Last night was the first time I walked out on a movie. I struggled watching “Detroit” in the theater. In part, not that it is a bad movie, but that it is too good. At one point in the movie, I became aware that my fist caused my hand to hurt; I felt my blood pressure elevating due to anger. A strange emotion had taken hold of my soul. Few movies have caused me any sense of real emotion; but this one did. “Detroit” is an indictment on the complicit nature of white people’s comfort, as many all but too often turn a blind eye to police brutality and the constant killing of unarmed Black men. Many talk about All Lives Matter as they sit and watch video recordings of cops murdering Us. Too many Americans make excuses for their privileges, while dismissing Our daily exertion. We did not make it through the movie. After a while I was just too mad. I checked out and drifted to a mental place of pure frustration and anger. After a while the only thing I saw was white Americans’ silence. I saw a white supremacist in the White House who speaks about Black and Brown folk in a condescending way. A man and his majority white supporters who support white nationalism over shared values and mutual means. “Detroit” was nothing but a trigger warning for me. I saw Sandra Bland, Philando Castile, Trayvon Martin, Ezell Ford, Emmet Till, Eric Garner, Tamir Rice, Tanisha Andeson, and more.
I am going to work this into my African American Studies syllabus. I am just seeing and hearing Jay-Z’ s The Story of O.J. Still processing. I am hearing Black sellouts. Black and white capitalist. Black folk still enslaved by debt. Black folk without real material power and wealth. Black bourgeoisie. Black working class. Poor Black folk. I am hearing you still Black at the end of the day– Black rich sellouts. White supremacy. Black caricature –watermelon and fried chicken. Gentrification. Panthers keeping it real. Some Oceans here. Nina Simone. Colorism. O.J. aint Black — he is O.J. Black supporters of Trump — sellouts. Drugs. Materialism. Religion.
I wrote this essay on the past and current struggles of the Black and white working class in the United States. I noted that:
Racism has long divided the working class, and today is no different. Many white working class people voted for Donald Trump. And much like 2008, race was a reason. While some will salute a strong economy, in truth, wages have flattened for the working class. Because of this, and because white workers have grown suspicious of the burgeoning black power call by Black Lives Matter, the search for solidarity continues to escape a racially divided country, as noted by the current political climate.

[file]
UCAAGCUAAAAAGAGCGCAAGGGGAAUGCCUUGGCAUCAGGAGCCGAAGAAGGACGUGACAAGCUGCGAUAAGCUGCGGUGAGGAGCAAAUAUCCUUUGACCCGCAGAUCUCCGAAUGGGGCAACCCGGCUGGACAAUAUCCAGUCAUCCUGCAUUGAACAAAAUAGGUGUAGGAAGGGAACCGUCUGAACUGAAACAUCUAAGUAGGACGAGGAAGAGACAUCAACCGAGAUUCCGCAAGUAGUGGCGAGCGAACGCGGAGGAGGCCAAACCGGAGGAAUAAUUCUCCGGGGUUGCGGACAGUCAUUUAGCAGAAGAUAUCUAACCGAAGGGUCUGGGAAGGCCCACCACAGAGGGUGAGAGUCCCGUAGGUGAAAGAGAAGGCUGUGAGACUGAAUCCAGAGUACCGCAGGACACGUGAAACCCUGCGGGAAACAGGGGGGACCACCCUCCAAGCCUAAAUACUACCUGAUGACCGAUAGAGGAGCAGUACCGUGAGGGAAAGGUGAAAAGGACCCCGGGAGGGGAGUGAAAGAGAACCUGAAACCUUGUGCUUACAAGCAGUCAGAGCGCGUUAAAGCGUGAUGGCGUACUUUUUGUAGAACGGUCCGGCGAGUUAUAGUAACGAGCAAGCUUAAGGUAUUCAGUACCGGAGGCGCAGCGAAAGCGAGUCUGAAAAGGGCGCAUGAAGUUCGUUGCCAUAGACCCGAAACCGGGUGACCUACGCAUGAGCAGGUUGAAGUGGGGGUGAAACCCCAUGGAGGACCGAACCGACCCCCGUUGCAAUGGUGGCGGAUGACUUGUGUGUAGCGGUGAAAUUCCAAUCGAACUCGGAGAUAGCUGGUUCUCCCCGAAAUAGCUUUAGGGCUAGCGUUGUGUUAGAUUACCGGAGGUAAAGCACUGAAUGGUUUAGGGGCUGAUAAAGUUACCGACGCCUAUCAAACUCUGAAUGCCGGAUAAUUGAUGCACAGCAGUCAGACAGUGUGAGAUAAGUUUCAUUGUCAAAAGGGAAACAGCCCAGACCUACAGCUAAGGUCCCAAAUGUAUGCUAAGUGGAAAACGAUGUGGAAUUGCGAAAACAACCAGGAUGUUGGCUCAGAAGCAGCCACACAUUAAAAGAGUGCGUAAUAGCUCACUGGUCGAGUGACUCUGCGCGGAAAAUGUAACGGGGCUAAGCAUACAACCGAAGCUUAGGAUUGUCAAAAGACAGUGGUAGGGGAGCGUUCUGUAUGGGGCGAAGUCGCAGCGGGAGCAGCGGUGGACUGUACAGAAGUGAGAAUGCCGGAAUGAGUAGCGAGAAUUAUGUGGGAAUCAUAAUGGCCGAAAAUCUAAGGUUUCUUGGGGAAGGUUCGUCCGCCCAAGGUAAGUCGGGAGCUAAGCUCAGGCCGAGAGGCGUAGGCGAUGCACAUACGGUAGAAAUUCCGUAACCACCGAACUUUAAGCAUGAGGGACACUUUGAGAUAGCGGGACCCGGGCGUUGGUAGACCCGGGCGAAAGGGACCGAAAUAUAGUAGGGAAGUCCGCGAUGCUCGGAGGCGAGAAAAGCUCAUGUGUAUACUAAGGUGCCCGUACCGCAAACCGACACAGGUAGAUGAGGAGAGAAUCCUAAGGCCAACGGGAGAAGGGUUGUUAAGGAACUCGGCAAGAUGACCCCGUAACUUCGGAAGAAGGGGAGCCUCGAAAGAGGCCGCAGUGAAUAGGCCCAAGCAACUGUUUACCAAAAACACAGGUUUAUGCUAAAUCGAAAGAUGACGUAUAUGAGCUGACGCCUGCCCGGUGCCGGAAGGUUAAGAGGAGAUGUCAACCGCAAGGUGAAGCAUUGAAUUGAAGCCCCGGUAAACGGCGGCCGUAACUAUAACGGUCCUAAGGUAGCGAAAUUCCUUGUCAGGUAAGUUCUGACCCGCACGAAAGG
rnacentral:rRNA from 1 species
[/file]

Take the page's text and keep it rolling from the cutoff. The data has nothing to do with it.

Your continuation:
This essay was published by the Hampton Institute here.
The Communist Party USA published my reading/presentation of an essay I wrote on the Black Church for African American History Month. This is an early part of my research addressing the shift of Black folk from religion to atheism, and the Black class struggle. “What was once called the Negro church in the course of the struggle for equality has emerged as a major force advocating, equality, democracy and social change. How did the transition from the Negro church to the black church take place; what were the class and social forces that helped shape it; how did these issues relate to the broader society issues in the U.S. during the 19th and 20th century?
This NY Times article is worth a read. It notes,”Communists believed that organizing the working class would work only if white workers realized that their liberation, too, was bound up with the fate of black workers. Facing this threat, anti-Communists and segregationists worked hard to sustain the fractures. They blamed Communists for fomenting “race mixing,” evoking sexualized fears that social equality would mean black men having sex with white women….The party inspired loyalty for reasons beyond simply an affinity for Marxist ideas. It was the campaigns Communists ran against police brutality, the practice of lynching and the Jim Crow laws that made their politics relevant to the lives of ordinary people.”
You can read it in its entirety here.
As part of a community narrative through portraits — conducted by an amazing graduating student, she reflects a number of narratives in the pictures she took. She lined Main Street with over 100 of them, where folks shared an unknown thing about themselves. I stated that I survived a brain aneurysm due to a benign brain tumor. My image reflects what W.E.B. Du Bois once stated — the problem of the [21st] century is mass incarceration of Black and Brown people. Hence, our color line matter is due, in part, to the New Jim Crow.
New Orleans started the process of removing Confederate monuments. Over the years I have discovered that folks know little about historical actors like Jefferson Davis, who was not a great leader. I wrote an essay below for The Christian Century Magazine with a colleague as we noted, “[W.E.B.] Du Bois observed how little had changed in America from his mid-20th-century perspective. Perhaps the conjunction of the #blacklivesmatter movement with challenges against Confederate monuments can help bring about some change in our own day.
See essay here: Confederate Monuments and American Citizenship